Living back at the ranch on his own, Art and his father purchased some cattle. Improvements and additions to the ranch were made over the years, and family and friends gathered there frequently, especially during deer hunting season. Friends introduced Art to the love of his life, Mary Lee Walker in the fall of 1947. They were married on June 19, 1948 and lived on the ranch raising their three children until it became necessary to sell the ranch in the early 70’s. Art and Mary both worked off the ranch at various jobs to earn extra money.
For several years Art worked as a Brand inspector for the State of California, and years later for the State of Nevada for a short time. Art eventually went to real estate school and got his license and worked in that field for a few years. The knowledge gained there was essential when it came time to sell the ranch, as the East Bay Regional Park and the Sierra Club tried to stop him from selling. Art won the battle and the family moved to Smith Valley, NV. where they eventually bought two small ranches.
He and daughter Nora, started to develop a small herd of registered Limousin cattle, and sold alfalfa hay to dairies in California. They did well with their cattle, earning several championship honors at the Cow Palace and other shows and sales.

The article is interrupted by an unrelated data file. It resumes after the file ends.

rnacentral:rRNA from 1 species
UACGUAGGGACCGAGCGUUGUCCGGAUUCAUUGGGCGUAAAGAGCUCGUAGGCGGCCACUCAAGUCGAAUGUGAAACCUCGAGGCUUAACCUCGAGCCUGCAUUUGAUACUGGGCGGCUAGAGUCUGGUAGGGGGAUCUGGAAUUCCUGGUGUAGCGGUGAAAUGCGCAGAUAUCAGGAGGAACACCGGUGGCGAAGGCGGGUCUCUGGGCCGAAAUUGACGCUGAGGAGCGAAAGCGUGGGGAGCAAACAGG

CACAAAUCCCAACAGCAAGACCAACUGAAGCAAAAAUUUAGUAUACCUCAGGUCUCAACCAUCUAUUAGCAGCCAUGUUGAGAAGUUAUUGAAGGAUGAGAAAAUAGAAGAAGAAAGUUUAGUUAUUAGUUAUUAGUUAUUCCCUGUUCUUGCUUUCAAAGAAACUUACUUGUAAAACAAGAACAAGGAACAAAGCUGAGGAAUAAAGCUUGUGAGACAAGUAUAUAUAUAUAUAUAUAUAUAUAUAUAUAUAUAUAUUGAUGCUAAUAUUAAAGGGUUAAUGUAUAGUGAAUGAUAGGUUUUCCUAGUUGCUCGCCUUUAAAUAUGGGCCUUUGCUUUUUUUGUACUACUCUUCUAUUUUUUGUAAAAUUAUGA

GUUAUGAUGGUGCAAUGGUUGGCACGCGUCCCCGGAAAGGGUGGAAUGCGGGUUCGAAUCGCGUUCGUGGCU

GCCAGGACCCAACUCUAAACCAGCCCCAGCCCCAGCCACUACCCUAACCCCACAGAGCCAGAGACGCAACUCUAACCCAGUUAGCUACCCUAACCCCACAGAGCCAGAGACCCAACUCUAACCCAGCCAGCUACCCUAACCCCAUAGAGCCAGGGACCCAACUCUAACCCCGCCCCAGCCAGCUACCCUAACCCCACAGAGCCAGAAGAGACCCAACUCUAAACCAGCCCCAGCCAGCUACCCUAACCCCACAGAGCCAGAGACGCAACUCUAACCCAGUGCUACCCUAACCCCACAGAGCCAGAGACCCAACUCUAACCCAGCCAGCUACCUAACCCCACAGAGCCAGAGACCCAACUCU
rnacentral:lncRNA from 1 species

One of Art’s desires came true while living in Nevada, as he became a member of the order of Free Masons. He held memberships at Amity Lodge in Silver City, and Hope Lodge in Yerington. He became Master at Hope Lodge in 1985. Art truly enjoyed being a Mason.
Drought and battles brewing over water rights, prompted the family to sell the Nevada properties and move to Beatty, OR., in 1992. Mary passed away in October of 2004, and life never was the same without her by his side.
He still enjoyed hunting and working on the ranch with the cattle. He also enjoyed attending brandings and watching the action, offering stories along the way of how he and his friends did it way back when. His love of hunting stayed a lifelong passion. Deer hunting was his favorite, but he also loved to hunt pheasant, quail and ducks. Shooting off hand with only one arm and being deadly accurate with rifle and shotgun was quite a feat.
Art never asked for help saddling his horse, and roping at brandings was something to behold as he adapted methods to do everything with one arm. His Grandfather Harry was a blacksmith and had taught Art how to shoe horses at a younger age, so he figured out how to make that work with one arm as well.
Art is survived by his three children, John Abrott and wife Maralyn of Smith Valley, NV., daughter Sherry Himmelrick and husband Wayne of Emmett, ID., and daughter Nora Koenig and Vern Maldonado of Beatty, OR. Grandsons Frank Abrott and wife Nicole of Reno, NV., and Kellen Koenig of Bonanza, OR. Great Granddaughters Alex Freshman and husband Taylor, and Maci Abrott all of Reno, NV. And Gr. Gr. Granddaughter Blake Freshman of Reno, NV.
Per Art’s wishes, no funeral services will be held. Cremation will be handled by Davenport’s Chapel in Klamath Falls, OR. A memorial will be held at a later date at the ranch in Beatty.